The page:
This week I’m going to give you a behind the scenes look at one of my favorite types of timelapse, a hyperlapse. If you’ve never seen a hyperlapse before (or even if you have), check out this awesome video below:
A hyperlapse is basically a timelapse where the camera moves large distances. Usually the camera is placed on a tripod, which is then moved a set distance between each photograph. This allows you to create long sweeping moves, which are impossible with regular camera dollies.
As part of my Manchester timelapse video, I wanted to include a few hyperlapses. As many of the roads are quite narrow, it was difficult finding suitable locations. However I settled upon the arch in China-town. There is a road leading straight up to the arch, that keeps it in full view at all times. Perfect.
I started at one end of the road and selected a point on the archway. I was able to then line this same point up in the viewfinder on my camera before taking each photo.
I then walked up the road, taking photos every 15 meters. This gave me about 5 pictures, which allowed me to preview how the move would plan out. When shooting hyperlapse, this step is essential! Not only can you count the distance (so you know how far to move between photos), but you can also have a little preview on your LCD of what the move will look like. Sometimes you will be surprised by objects that appear and disappear out the frame.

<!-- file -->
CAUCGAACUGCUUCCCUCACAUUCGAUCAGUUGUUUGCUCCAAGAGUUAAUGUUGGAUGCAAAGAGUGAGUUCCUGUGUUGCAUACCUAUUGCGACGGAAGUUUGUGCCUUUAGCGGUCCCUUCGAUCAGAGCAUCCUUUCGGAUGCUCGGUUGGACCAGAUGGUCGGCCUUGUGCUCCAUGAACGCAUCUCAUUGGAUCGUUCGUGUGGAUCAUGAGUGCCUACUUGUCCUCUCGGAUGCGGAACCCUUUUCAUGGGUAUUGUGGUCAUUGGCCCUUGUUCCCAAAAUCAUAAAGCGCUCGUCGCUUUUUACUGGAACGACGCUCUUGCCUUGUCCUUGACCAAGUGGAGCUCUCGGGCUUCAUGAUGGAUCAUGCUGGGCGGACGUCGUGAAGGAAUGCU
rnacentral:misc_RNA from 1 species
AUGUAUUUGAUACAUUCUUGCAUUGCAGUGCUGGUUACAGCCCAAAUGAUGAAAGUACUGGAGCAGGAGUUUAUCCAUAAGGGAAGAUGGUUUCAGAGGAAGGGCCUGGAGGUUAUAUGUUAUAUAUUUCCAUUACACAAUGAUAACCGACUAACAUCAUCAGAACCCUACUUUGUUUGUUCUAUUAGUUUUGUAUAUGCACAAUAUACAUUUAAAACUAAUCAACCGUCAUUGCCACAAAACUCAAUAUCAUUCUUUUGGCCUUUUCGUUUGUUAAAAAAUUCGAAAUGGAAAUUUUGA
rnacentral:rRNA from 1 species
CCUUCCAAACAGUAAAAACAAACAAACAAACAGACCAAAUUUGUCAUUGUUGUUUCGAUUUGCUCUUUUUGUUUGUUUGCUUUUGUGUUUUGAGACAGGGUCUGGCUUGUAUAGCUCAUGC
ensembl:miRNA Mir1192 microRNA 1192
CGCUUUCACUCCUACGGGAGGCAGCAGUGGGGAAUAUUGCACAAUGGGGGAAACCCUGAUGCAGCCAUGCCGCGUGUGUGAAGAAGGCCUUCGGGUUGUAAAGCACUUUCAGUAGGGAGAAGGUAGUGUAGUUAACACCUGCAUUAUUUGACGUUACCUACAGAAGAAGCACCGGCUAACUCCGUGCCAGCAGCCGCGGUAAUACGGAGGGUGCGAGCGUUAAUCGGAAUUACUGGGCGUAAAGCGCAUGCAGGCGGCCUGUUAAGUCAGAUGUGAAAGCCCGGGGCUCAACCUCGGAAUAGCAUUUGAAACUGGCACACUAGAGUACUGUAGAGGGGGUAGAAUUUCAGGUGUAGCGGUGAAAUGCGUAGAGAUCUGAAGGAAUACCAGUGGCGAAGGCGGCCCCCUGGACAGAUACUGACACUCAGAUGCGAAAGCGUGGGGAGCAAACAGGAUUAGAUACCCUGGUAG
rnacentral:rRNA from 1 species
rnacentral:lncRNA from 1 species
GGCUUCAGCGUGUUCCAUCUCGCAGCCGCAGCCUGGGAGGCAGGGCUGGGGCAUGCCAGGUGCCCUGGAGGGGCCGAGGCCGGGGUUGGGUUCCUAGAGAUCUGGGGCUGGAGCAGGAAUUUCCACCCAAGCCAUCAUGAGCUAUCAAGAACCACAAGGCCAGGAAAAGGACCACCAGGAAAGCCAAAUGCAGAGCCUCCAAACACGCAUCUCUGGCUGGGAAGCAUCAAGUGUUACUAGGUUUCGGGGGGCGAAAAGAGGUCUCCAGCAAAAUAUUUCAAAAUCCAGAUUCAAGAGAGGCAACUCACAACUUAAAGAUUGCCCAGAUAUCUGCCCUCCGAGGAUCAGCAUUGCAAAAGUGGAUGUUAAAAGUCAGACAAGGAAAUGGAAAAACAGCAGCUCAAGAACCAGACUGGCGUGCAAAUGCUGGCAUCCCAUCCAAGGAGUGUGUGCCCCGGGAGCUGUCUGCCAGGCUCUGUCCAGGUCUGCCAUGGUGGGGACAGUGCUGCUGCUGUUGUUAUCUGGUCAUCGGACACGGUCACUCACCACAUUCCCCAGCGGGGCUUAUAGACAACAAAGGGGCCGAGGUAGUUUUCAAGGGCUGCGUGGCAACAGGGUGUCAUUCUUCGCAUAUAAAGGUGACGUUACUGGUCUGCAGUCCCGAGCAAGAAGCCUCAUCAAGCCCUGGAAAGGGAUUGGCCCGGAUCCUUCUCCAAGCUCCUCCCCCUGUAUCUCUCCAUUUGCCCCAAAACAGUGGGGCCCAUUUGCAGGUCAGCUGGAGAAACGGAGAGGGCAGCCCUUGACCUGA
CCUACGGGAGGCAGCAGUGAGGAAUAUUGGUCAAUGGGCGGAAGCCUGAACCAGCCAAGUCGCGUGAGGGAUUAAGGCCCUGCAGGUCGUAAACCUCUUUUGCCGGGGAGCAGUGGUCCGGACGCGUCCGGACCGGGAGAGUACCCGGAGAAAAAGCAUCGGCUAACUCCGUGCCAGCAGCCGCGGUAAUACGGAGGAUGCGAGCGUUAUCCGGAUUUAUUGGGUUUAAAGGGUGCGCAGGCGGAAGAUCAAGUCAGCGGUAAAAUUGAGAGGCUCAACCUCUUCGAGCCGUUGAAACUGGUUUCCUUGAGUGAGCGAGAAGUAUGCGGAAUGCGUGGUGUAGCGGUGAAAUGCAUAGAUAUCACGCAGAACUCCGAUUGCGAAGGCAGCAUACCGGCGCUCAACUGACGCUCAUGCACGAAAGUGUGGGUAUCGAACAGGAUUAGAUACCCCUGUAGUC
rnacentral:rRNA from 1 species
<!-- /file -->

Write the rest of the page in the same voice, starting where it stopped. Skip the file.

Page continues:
Between shots I moved about 20cm, and by the end of the sequence I had amassed 120 photos. The interval between photos was set at 5 seconds. I actually shot the whole sequence hand-held, with a little device I built (tutorial to come soon). It would have been nice to drag the shutter slightly (maybe around 1/30), to blur the people slightly, but unfortunately there was not enough space for a tripod.
I brought all of the photos into photoshop, and batch processed them with the following settings:
The image looks quite flat now (meaning there is not much contrast). This is fine for my needs as I can colour correct it later. It’s best to hold on to as much detail as possible in this stage.
Next step was to import the photos into after effects, and apply the warp stabiliser. This basically removes the camera shake between shots. No matter how hard you try, it’s virtually impossible to prevent some movement between photos.
This was a very quick workflow to give you a rundown of the process. The stabilisation isn’t perfect, and I have yet to grade the final footage. However, here is the current work in progress!
Are hyperlapses also your favourite type of timelapse shots, do you prefer dollies, cranes.. maybe something else? Let me know in the comments below!